Cartoon and comics are predominant trends among young artists born in the “After Seventies”. This also applies to Zhang Hui, who has a natural feeling and awareness of your environment. She recently created a series of canvases and sculptures called ‘Beijing Girls’, which revolves around the interests and values of young people. Their general appearance and figures have the visual features of cartoons and caricatures. Zhang Hui’s work, however, bears highly individualized features that set her apart from the works of other young artists with cartoon tendencies. This leaves a strong impression on the audience.
The human figures in Zhang Hui’s Beijing Girls have short and curly hair of strong, nostalgic coloration – they look like figures on calendars from the time of the People’s Republic of China. The combination of these haircuts with dance skirts, business suits, school uniforms and cat suits from completely different periods of time, with the same person, conveys a sense of recognition and confuses at the same moment. High-drawn eyebrows, bedroom views and four eyelashes, a drawing style used exclusively by this artist, give the figures their unique expression. If we look at the lower half of the face, the high upper lip immediately captivates us. The wearer of all these facial expressions is a huge head that is not in balance with the body. Perhaps we can see many such large-headed figures in many young artists. And we can say that such figures refer to caricatures of Koreans and Japanese. This is, of course, the result of the progressive assimilation of Asian cultures. But the haircut of the People’s Republic of China is a typical feature of Zhang Hui.
Another difference from other artists is that Zhang Hui’s figures, whether they are clothing, backdrop or behavior, are clearly recognizable as objective constructs of the artist. The characteristics are deliberately assembled or feigned from various temporal, spatial or cultural offsets. The selection and abstraction of cultural elements is obvious. In other works by Zhang Hui, one can contemplate the rebirth of an artistic image in front of the pop-cultural background of contemporary society. This kind of image is artistically created, yet the viewer can easily find objects of daily life – a bag, a small firecracker and a connected wound. In comparison, the people of other artists appear far too close to reality or form too much from the image itself; they do not experience independent and intact individual figure-making. In addition, Zhang Hui often uses a cool, reduced black, white and brown for her canvas work. This is not often seen in young artists of this era. In general, cartoon artists always prefer colors, especially natural colors. In Zhang Hui’s works, however, we always see a conscious resistance to color. In this way, her paintings give the viewer an impression of reason and distance.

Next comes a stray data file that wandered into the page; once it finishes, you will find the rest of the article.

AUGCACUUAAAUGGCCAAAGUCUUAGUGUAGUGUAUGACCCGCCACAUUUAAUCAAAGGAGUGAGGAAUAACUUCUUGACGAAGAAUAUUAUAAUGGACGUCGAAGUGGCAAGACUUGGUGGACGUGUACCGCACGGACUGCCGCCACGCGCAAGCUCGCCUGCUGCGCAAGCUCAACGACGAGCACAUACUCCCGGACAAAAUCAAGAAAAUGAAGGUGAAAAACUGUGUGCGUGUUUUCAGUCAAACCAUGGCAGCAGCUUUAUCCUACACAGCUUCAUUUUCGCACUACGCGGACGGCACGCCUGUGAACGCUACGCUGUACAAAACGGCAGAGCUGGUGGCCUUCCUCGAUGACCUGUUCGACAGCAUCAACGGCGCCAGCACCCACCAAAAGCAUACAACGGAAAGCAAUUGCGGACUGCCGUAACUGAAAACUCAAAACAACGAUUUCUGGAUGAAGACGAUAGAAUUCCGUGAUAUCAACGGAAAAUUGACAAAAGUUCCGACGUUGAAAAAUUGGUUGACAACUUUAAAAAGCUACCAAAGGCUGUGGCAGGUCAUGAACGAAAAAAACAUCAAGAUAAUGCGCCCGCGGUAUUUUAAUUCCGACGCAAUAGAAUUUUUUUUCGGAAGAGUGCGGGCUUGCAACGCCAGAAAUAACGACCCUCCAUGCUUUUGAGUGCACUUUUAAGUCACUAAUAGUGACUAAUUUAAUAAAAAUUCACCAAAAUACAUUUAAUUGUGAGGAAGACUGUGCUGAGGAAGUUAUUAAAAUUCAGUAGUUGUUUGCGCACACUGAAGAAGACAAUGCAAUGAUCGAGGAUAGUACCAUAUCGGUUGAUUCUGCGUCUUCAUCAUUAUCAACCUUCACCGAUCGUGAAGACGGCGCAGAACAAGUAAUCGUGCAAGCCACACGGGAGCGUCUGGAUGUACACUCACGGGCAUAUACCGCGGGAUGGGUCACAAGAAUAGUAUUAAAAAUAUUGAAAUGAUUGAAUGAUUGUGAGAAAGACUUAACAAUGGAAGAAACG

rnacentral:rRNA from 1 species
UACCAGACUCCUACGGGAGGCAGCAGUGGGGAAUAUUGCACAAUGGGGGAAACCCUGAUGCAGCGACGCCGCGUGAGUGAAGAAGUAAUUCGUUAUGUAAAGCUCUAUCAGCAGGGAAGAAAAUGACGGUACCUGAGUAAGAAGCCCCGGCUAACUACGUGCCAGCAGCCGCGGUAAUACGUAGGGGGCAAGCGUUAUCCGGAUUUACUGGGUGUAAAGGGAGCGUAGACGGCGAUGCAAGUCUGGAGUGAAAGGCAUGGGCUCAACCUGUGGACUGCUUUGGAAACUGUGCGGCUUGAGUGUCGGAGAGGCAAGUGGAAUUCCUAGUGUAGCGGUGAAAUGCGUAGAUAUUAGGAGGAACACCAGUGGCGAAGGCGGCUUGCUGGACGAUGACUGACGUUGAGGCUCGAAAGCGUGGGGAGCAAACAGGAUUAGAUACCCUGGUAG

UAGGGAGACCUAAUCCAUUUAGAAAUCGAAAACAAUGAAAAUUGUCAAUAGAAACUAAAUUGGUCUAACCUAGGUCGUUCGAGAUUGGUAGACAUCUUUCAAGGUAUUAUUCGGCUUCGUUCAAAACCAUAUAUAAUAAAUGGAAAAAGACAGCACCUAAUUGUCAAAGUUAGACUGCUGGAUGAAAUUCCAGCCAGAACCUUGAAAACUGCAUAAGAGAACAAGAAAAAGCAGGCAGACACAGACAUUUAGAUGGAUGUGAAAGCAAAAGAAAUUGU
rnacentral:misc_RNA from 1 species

It is not easy to say that only cold colours convey criticism and reason, because we see in many artists that bright colors can have exactly the same effect. However, when we return to Zhang Hui’s work, we can see the true reason for their use of cold colors, besides the backdrops and behavior, besides the connected wound, the thin cigarette, the large pupils, the knotted, sleepy looks and the doll-like drawing style. . she wants to express the lonely and vulnerable among young girls who look like stupid boys but are actually very smart. As Zhang Banqiao once put it: “It’s difficult to be confused.” How can these big city dolls, with a view to a changing social life, keep their heavy heads on their shoulders? How can they carry the weight of life on their little feet?
The refusal to grow up refers to the defense of a successful temptation and interference in the social life of most people. This is a lesson for all young people and does not lead directly to cultural, artistic matters. From the point of view of art, in order to create a matter of art, the artist must find his own unique artistic solution. Only when he has found access can he influence the problem. But it is the audience that needs to understand the answer. Zhang Hui’s current efforts allow us to see valuable art in the real contradictions that young people face today.